The Fresh Loaf

News & Information for Amateur Bakers and Artisan Bread Enthusiasts

Liquid levain vs. stiff levain

xaipete's picture
xaipete

Liquid levain vs. stiff levain

Is there a standard hydration level for a liquid levain vs. a stiff levain? I was reading Leader's Local Breads this morning and noticed that his liquid levain has about 130 % hydrated vs. his stiff which has about 50% hydration. I've also been readin Michael Suas's Advanced Bread and Pastry and notice that some of his SD formulas call for a liquid levain while others require a stiff starter.

I realize there is probably not a rigid standard, but perhaps someone has some knowledge what constitutes one vs. the other. I'm also interested in knowing if a book discusses these terms. Oddly enough, Suas' book, which is very comprehensive, doesn't define the differences.

--Pamela

Ford's picture
Ford

I guess I am a maverick with the hydration of starters (levain).  I use a hydration of 188% (equal volume water and flour).  I started this hydration from reading about Nancy Silverton in Julia Child's book "Cooking with the Master Chefs".  She used grapes to get things started.  I now know this is just part of the folk lore that has grown around sourdough and the grapes are totally unnecessary.

From my reading I find that most bakers use a starter that is only 100% hydration or less.  However, I have grown accustomed to using this and I find a couple of advantages.  The starter is so fluid that it does not expand to overflow the container when left in the refrigerator for several weeks.  Contrary to the belief of some bakers, this starter is easily refreshed after a month of hibernation in the refrigerator.  It takes only about one day to regain full activity when brought to room temperature (about 72°F) and fed three times.

(Refresh Routine:  With 18 oz. starter, feed 4.3 oz unbleached flour, in ~6 hours feed 4.3 oz., flour and 8 oz. water, in ~6 hours feed 4.3 oz flour and 8 oz. water in ~6 hours feed 8 oz. water.  Use 36 oz. to start bread recipe and the balance back to the rerefrigerator.)

With this extreemly wet levain I can start a whole wheat bread by adding the the whole wheat flour to the starter, let it ferment for a couple of hours, and go from there.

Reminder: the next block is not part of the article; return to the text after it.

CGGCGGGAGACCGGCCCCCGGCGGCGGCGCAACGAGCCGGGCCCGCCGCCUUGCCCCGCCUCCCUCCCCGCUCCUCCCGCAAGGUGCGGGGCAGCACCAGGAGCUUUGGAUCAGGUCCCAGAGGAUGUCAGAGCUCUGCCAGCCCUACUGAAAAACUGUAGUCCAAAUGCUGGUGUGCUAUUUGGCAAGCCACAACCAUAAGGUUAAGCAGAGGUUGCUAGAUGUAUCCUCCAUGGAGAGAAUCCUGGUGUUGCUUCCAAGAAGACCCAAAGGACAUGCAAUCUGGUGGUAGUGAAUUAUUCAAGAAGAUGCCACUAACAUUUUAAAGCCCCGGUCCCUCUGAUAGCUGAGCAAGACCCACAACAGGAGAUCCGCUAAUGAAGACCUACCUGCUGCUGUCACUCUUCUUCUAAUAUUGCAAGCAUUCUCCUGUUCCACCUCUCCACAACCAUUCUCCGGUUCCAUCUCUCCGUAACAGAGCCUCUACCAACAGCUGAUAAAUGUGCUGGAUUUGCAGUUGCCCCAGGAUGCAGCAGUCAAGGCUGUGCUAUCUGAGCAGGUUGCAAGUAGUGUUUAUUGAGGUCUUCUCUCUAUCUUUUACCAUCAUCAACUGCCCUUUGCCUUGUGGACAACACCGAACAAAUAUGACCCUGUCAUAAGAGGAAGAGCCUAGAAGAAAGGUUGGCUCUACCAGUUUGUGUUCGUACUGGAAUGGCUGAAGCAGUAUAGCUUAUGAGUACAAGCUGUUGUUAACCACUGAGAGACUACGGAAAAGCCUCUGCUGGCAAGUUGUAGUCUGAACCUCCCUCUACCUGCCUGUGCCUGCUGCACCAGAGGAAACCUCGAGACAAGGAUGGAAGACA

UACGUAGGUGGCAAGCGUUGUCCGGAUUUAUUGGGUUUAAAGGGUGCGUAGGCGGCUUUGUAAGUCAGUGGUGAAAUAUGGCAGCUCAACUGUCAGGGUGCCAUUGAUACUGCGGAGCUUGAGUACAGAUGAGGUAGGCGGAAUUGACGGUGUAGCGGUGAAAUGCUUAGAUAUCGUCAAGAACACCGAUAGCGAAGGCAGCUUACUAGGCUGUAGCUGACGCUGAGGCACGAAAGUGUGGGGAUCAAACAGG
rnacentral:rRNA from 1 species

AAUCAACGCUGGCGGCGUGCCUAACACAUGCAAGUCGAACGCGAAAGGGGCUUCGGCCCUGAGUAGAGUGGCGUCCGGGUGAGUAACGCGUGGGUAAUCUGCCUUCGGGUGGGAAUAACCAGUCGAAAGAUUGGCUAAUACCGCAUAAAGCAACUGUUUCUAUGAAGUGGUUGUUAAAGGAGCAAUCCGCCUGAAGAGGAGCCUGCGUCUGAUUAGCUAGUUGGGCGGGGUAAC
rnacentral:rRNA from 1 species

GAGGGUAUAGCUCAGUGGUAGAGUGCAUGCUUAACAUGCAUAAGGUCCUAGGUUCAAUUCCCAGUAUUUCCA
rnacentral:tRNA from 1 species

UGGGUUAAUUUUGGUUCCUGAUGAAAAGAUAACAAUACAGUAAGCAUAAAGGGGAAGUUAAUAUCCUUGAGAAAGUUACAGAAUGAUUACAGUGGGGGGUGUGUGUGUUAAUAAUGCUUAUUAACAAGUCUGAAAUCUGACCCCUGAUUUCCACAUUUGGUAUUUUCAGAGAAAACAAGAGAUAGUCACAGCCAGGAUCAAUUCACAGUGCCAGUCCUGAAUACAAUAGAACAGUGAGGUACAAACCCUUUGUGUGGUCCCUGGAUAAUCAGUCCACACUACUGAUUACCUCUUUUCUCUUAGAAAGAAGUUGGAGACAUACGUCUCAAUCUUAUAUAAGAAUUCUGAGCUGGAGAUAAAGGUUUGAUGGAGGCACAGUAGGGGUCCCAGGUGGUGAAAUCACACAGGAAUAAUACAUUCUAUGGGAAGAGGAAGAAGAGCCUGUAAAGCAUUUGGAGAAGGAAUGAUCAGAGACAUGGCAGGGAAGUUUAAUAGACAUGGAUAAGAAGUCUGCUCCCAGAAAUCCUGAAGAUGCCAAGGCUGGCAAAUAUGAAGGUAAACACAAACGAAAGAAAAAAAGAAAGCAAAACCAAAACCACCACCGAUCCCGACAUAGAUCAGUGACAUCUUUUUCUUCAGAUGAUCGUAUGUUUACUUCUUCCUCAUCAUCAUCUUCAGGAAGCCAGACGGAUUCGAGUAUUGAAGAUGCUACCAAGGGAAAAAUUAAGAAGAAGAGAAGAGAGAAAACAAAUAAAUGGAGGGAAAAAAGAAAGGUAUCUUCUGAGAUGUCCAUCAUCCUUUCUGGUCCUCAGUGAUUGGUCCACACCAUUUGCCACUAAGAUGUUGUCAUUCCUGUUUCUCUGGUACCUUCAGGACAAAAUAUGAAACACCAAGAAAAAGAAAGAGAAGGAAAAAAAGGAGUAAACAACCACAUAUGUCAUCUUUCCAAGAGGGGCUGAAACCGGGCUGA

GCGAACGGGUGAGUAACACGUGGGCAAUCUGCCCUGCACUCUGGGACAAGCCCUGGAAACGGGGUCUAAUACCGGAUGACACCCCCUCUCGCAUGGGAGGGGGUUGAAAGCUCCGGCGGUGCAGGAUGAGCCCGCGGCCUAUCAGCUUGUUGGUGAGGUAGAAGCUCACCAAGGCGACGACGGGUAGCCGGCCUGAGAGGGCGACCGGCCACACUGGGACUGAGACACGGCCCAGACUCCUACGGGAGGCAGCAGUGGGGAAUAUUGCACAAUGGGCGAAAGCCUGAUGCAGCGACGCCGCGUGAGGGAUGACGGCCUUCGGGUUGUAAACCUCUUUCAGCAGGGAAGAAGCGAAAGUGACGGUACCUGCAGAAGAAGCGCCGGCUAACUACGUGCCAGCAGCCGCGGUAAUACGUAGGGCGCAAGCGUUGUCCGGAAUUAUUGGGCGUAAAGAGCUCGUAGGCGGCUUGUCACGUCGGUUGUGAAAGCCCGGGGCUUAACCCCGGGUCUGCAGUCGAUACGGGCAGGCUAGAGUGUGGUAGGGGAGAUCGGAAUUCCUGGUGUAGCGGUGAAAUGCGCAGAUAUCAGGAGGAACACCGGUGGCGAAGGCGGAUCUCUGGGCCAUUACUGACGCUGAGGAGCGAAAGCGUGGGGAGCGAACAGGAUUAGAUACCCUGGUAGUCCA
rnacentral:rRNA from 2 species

At one time I used the starter only for the flavor, now I know it is potent enough to be the only leven in the dough.  I also measure by WEIGHT, it is easier and more precise.

Back to your question about which hydration to use.  Use the one you like.  Just get the final hydration the same as the recipe.  I think there is no standard, no "right" way.  BUT, I am an ameteur.

Ford

xaipete's picture
xaipete

I use a hydration of 188% (equal volume water and flour).

Hi Ford. If you are using an equal volume (weight) of water and flour, would that be 100% hydration?

I'm not asking a question about which type of starter to use in a given recipe. I'm trying to find of if there is some kind of a hydration standard that classifies one starter as liquid but another as stiff.

--Pamela

jj1109's picture
jj1109

I read that Ford says he weighs his ingredients, but that statement about the equal volume does confuse - but does work out about right.

eg. if I use generic weights for volumes (australian here, so different to you in the US) 1 cup water = 250g, 1 cup flour = 130g (like i said, generic values) gives hydration of 192%

This suggests (to me) that Ford does use volume rather than weight for the initial starter - and the weights that are added when refreshing the starter come to 186% hydration.

Ford's picture
Ford

I do weigh the major ingredients in making my breads.  I find it easier and certainly more precise.  Though I am a scientist, by training, I do not use the metric system in baking and cooking.  The metric system is not widely used in the USA and very few cookbooks make any attempt to express the amounts in a recipe by weight.  To be understood by the majority I use the Avoirdupois weight measurements, and also give the volume measurement.  I do not weigh minor ingredients, e. g. 1/4 tspn., 1 Tbs., or pinch.  My scale is not that precise.

Sifted, or fluffed flour carefully spooned into a measuring cup and leveled off will weigh 4 1/4 oz., rounded to 4.3 oz., with some variation for the miller and coarseness of the milling.  King Arthur white all-purpose, white bread flour, and whole-wheat flour weigh 4.3 oz./cup (122 g/cup).  (A measuring cup in the US is 8 fluid ounces – confusing.)  However, whole-wheat flour from Arrowhead mills weighs 4.7 oz./cup.  (133 g/cup)  There are variations in rye flours:  Arrowhead Mill pumpernickel flour weighs 4 oz./cup (113 g/cup), and that from Hodgson Mill weighs 4.8 oz./cup (136 g/cup).

With these variations in flour bulk densities, it is certainly safer to express the amounts by weight rather than by volume.